More recently, Kelly and Lee (2002) investigated the factor structure of several career assessment instruments which measure the construct of career indecision including the CDS, Career Factors Inventory, and the Career Decision Making Difficulties Questionnaire. Kelly and Lee (2002) concluded that the CDS was a multidimensional measure of career indecision comprised of three factors. The first factor, Identity Diffusion, is the inability to adequately crystallize one’s career relevant characteristics or to see how one’s personal characteristics can be implemented in careers. The second factor, Positive Choice Conflict, represents the indecision of choosing one career from a number of attractive alternatives. The third factor, Tentative Decision, indicates that a career decision has been made and that there are questions on how to implement the decision. In summary, empirical evidence indicates that the underlying factor structure of the CDS is not unidimensional, thus efforts to diagnose career indecision should not rely on a unidimensional global index as the total CDS score (Schulenberg et al, 1988).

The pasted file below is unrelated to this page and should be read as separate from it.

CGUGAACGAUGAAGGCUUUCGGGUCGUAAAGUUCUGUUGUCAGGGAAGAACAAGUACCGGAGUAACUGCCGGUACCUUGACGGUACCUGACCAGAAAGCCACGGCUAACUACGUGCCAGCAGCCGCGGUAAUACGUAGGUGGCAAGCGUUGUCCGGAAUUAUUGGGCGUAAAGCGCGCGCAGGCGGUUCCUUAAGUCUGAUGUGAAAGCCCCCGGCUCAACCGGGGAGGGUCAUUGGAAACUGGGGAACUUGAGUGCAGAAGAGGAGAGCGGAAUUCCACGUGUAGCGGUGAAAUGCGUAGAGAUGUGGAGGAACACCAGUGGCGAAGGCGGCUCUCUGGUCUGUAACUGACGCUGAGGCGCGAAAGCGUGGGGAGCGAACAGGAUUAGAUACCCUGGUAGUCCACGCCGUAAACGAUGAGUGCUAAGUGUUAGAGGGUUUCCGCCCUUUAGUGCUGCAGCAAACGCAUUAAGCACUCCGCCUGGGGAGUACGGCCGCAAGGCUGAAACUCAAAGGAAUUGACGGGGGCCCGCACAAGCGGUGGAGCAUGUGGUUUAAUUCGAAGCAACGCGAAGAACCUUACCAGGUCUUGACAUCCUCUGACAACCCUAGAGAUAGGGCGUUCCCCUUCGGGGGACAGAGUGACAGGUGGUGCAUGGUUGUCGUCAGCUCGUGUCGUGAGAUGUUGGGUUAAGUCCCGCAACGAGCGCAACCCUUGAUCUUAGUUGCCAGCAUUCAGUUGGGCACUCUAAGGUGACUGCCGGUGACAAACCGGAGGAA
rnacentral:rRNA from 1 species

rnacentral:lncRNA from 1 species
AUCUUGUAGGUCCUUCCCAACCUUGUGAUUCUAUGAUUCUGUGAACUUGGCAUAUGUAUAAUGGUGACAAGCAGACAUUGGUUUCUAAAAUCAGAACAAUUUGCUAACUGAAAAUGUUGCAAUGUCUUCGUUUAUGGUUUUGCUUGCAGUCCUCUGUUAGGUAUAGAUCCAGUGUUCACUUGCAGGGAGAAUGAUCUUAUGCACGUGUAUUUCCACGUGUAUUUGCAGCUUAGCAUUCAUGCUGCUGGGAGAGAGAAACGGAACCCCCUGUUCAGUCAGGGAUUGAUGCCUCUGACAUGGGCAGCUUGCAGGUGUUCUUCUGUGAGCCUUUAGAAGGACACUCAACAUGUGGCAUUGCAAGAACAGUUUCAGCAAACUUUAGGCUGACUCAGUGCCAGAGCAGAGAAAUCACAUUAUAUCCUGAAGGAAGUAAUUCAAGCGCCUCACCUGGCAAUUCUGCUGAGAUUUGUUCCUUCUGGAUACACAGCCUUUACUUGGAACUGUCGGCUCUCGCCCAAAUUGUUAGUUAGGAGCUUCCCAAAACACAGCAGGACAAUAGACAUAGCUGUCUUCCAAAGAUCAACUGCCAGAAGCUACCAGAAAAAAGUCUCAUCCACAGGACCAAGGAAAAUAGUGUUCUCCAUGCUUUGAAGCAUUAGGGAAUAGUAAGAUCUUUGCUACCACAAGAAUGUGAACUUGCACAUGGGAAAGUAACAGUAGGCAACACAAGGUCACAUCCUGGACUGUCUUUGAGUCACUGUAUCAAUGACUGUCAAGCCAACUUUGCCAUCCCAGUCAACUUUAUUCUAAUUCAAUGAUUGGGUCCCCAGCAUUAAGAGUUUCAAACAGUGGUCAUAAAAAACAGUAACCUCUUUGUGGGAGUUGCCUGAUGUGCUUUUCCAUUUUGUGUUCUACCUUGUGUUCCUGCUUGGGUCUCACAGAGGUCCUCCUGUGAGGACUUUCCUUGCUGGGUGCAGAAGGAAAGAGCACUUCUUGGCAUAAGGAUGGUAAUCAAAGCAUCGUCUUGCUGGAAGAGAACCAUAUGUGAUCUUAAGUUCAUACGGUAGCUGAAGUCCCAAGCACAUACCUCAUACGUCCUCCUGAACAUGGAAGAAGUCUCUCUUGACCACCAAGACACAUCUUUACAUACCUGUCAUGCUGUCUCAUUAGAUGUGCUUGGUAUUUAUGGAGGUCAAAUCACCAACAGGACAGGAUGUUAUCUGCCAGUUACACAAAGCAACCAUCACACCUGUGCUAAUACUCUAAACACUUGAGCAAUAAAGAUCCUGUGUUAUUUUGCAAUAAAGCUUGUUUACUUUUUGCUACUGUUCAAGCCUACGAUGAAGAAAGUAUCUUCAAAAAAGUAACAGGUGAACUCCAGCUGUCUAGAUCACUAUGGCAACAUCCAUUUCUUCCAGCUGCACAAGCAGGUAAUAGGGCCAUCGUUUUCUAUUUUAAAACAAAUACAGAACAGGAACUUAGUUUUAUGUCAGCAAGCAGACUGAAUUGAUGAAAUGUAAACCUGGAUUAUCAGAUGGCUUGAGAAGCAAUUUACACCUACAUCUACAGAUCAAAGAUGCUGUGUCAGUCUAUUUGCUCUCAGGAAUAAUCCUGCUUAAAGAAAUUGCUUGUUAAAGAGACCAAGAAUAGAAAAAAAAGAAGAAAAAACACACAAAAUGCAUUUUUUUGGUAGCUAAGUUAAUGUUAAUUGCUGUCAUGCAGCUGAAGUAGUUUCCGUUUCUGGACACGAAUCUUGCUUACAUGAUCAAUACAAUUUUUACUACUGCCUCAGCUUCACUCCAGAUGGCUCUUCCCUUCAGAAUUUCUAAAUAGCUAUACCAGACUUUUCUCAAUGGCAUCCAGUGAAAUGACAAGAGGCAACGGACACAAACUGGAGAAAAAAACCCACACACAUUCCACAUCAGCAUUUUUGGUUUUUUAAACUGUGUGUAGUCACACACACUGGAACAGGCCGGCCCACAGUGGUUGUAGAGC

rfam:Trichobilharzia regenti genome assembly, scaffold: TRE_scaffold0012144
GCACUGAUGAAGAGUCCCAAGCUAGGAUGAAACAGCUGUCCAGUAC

Another area critical to the career decisionmaking process is career exploration. Career exploration is defined as the self-appraisal and external activities that provide individuals with information to foster progress in the selection of, entry into, and adjustment to an occupation (Blustein, 1989a; Jordann, 1963; Stumpf et al., 1983). The purpose of career exploration is to collect and analyze career-related information in order to enhance the individual’s career management process (Stumpf, 1992).
Jordaan (1963) reasoned that career exploration would be influenced by personal traits and environmental conditions. Twenty years later, Stumpf et al. (1983) proposed an interactive model of career exploration, emphasizing three discrete aspects of exploration: 1) exploration beliefs, 2) exploration process, and 3) reactions to exploration. This model suggested that these three categories interact in a reciprocal manner, resulting in unique exploration experiences for each individual (Bartley and Robitschek, 2000).